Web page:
PETER BAKER, CHIEF WHITE HOUSE CORRESPONDENT, THE NEW YORK TIMES: Well, that`s right, obviously. And I think that`s what Susan just said correctly which is why they want a lawyer to do it who would keep them from looking so political. And by the way keep the Democrats on the other side from doing that same thing. Remember several of those Democrats are running for President and they obviously have an interest in, you know, pretty argumentative perhaps interrogation of judge Kavanaugh. So the Republicans look at this and it`s in both their interests to make it a little bit more professional by having a lawyer do it. Take the temperature down.
But Dr. Ford, we`ll see what kind of witness she is, what kind of presentation she makes. A lot will depend on how she presents herself. How credible she appears. How persuasive she is. It`s hard to imagine why somebody would come forward with allegations like this if it`s not the truth or at least that they believe it`s the truth. I think what you will hear on the other side as a defense is rather than questioning that, rather than questioning whether this actually happened to her, questioning only does she remember the right person. Was it really judge Kavanaugh 36 years ago?
BAKER: Could it possibly be somebody else, some other boy who was there that night?
MATTHEWS: Well, according to NBC News Kavanaugh spent part of the day today hunkered down prepping for the possibility of testifying next week.
On Tuesday Kavanaugh spent two hours being grilled by a small group of senior White House staff about his past, his dating life and his accuser. NBC News has confirmed that Dr. Ford has hired a veteran Democratic operative Ricky Seiben, a communications expert, to help offer personal advice.
Anyway, a source familiar with Ford`s preparations tells "Politico" that unlike Kavanaugh Dr. Ford has not been participating in mood hearings or other mock proceedings at least as of yet.
Let me go to Cynthia on this about Kavanaugh. How do you question a guy who says he doesn`t remember anything? He doesn`t remember the `80s as far as I`m concerned. I mean, he doesn`t know anything about any party. But if you are really honest, did you ever drink at a party? How many parties did you go to in the `80s when you did drink? Is it possible you might have forgotten something? Did you ever get a buzz that got you out of hand? Did you ever have a blackout? Did you ever drink so much that you had to be driven home? All kinds of questions. What`s your limit? Eight beers, 15 beers? What did you drink in those days? It seems like he`s going to have to admit that he existed back then.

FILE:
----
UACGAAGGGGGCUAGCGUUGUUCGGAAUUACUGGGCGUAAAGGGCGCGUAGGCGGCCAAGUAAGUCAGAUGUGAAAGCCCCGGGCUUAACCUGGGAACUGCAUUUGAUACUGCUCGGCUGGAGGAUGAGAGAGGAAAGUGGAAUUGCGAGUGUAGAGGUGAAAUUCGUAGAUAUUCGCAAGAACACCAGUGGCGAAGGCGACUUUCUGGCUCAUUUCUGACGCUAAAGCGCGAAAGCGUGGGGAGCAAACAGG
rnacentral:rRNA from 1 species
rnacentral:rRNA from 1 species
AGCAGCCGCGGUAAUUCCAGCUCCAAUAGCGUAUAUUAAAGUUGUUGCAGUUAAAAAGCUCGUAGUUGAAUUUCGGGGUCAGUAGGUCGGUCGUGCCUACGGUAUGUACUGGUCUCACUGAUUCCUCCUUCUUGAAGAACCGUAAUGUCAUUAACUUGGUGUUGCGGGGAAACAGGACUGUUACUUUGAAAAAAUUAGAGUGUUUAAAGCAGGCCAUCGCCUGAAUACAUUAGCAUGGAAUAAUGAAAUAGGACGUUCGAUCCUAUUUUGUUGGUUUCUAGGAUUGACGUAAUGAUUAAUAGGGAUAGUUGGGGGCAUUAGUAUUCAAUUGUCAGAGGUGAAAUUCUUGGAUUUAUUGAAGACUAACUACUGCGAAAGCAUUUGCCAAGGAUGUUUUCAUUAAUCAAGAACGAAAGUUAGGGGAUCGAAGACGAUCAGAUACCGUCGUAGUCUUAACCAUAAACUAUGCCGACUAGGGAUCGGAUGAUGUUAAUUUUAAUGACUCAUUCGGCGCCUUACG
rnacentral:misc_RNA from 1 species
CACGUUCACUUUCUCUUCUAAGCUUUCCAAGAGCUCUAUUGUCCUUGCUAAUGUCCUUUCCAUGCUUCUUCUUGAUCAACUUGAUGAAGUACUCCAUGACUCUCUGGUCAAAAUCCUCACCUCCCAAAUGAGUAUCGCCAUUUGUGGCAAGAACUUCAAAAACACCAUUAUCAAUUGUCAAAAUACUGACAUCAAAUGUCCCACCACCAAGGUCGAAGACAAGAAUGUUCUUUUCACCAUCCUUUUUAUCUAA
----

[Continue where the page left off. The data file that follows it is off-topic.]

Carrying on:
CYNTHIA ALKSNE, FORMER FEDERAL PROSECUTOR: Righ.t. And obviously, there`s a lot of cross exam that comes out of his yearbook and his statements in the yearbook about drinking and sexual statements.
Something that is interesting that will come out early is did he even know her or remember her. Because obviously, an identification is a different thing, if she knew him before the party. And another important thing will be, you know, who else was at these general parties. Because Susan is right, this is all going to be investigated. The Republicans can hide. And they can say it is not going to happen and thy can push this through. Somebody either is going to win a Pulitzer or the FBI is going to step up. But everybody is going to know what happened at this in the next six months. And it will begin with his testimony finding out what he is willing to say about what he knew about her and the manner in which she testifies. And remember --
MATTHEWS: This isn`t a long-term investigation. They are going to vote next week.